1. Expanding Reach

Engaging residents in the public feedback process

An effective engagement strategy reaches constituents who don’t usually take part in public feedback. It pays attention to the people and communities who will be most affected by the policies and processes that result. This allows you to get a fuller understanding of what your community needs, and create programs and policies that meet those needs.

Expanding the reach of your engagement means:

  • Understanding who is currently participating
  • Identifying who is not currently participating
  • Setting clear goals around the people who need to be reached
  • Making a plan to reach those goals
  • Checking often to make sure those goals are being met

Understanding how you engage the public

1. Understand who makes up your community

The goal of your engagement strategy is to reach a representative sample of your community. You can use data from the Census Bureau to understand the demographic makeup of your community and identify who you need to be reaching. Free tools like Census Reporter make it easy to find and understand this information.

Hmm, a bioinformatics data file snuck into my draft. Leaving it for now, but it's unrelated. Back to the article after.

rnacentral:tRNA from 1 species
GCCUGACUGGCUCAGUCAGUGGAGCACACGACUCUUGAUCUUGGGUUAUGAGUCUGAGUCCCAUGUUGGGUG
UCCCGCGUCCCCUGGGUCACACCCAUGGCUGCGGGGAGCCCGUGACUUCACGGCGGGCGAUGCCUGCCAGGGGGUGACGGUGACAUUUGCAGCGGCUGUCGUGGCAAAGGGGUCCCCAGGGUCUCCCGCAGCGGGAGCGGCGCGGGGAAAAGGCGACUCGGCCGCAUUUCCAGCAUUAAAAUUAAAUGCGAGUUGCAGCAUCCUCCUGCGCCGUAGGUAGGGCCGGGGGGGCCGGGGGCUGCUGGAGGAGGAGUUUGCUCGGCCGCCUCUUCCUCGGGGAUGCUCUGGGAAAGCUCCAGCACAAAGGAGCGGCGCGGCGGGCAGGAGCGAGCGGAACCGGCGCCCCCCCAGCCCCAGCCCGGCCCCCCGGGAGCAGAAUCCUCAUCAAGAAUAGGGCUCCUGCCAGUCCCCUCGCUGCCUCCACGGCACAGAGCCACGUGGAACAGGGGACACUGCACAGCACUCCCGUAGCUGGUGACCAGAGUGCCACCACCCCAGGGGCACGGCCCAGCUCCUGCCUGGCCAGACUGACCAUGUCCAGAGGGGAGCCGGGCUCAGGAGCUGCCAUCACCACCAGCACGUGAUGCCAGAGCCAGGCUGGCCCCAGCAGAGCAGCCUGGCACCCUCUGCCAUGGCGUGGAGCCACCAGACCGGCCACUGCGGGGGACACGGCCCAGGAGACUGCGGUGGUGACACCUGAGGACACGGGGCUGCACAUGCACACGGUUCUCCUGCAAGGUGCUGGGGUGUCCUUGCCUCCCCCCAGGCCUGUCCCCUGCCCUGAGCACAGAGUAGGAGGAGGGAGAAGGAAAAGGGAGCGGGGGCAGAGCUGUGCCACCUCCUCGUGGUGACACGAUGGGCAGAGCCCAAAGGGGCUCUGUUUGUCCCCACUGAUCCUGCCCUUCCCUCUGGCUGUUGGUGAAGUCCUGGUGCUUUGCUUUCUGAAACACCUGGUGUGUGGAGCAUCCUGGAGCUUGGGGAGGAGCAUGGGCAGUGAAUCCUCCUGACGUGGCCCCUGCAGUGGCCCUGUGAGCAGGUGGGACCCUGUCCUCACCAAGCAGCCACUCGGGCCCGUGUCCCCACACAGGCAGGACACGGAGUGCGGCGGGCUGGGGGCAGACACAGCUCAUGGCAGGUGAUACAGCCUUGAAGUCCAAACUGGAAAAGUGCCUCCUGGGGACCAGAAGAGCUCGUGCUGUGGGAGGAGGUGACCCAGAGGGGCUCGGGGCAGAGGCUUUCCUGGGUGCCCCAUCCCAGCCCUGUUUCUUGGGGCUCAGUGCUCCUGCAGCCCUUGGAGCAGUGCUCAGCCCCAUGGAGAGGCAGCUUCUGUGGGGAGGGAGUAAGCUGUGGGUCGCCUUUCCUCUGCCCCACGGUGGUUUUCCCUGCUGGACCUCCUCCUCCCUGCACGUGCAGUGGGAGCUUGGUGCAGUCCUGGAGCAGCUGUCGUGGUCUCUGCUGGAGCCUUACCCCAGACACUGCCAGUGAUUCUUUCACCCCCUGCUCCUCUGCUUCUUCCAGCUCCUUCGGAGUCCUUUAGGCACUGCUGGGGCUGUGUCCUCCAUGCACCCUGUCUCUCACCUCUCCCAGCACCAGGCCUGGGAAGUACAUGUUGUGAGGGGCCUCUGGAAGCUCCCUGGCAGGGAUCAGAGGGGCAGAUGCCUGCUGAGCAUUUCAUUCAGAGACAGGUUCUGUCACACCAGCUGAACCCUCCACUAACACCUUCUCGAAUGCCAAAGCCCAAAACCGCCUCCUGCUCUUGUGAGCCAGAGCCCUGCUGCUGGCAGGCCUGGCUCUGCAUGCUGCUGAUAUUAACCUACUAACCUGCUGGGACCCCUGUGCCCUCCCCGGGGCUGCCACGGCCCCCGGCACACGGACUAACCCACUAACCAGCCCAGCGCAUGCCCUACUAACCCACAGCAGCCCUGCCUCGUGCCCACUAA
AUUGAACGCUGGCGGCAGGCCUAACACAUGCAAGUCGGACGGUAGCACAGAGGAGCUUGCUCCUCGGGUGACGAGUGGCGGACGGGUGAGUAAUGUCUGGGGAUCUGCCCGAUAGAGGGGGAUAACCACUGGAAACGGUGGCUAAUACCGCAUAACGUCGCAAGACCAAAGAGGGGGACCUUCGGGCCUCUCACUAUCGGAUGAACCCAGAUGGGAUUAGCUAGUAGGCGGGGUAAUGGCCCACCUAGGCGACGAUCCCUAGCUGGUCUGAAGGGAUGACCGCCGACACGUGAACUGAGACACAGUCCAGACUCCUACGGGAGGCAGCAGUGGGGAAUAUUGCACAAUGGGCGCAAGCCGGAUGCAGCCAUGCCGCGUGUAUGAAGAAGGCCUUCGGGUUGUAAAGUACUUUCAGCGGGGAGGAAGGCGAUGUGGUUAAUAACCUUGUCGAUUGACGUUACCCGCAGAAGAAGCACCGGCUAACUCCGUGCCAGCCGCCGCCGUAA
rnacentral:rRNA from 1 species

2. Measure your effectiveness

If you've collected data about who is taking part in your process so far, compare these figures against Census data to understand who isn’t participating yet. Use Census data to set a baseline and check whether your results are over or under that figure. This will show which groups are currently under- or overrepresented. For example, if 65% of your community is under 40 but only 20% of your participation is from people under 40, that group is underrepresented and should be a priority for future outreach.

If you aren't measuring the reach of your engagement efforts yet, here's a few simple ways to find out who is taking part in existing forums and channels:

  • Sticky dot exercise. During a public meeting, label poster boards with categories for key demographics you are interested in such as age ranges, education levels, or gender. Have dot stickers available for people to place on the boards to show the groups they identify with.
  • Paper surveys. At the end of a public meeting, conduct an attendee satisfaction survey that asks participants to provide basic demographic information and feedback on the quality and effectiveness of the meeting. This creates an important feedback loop and helps you measure who you are reaching.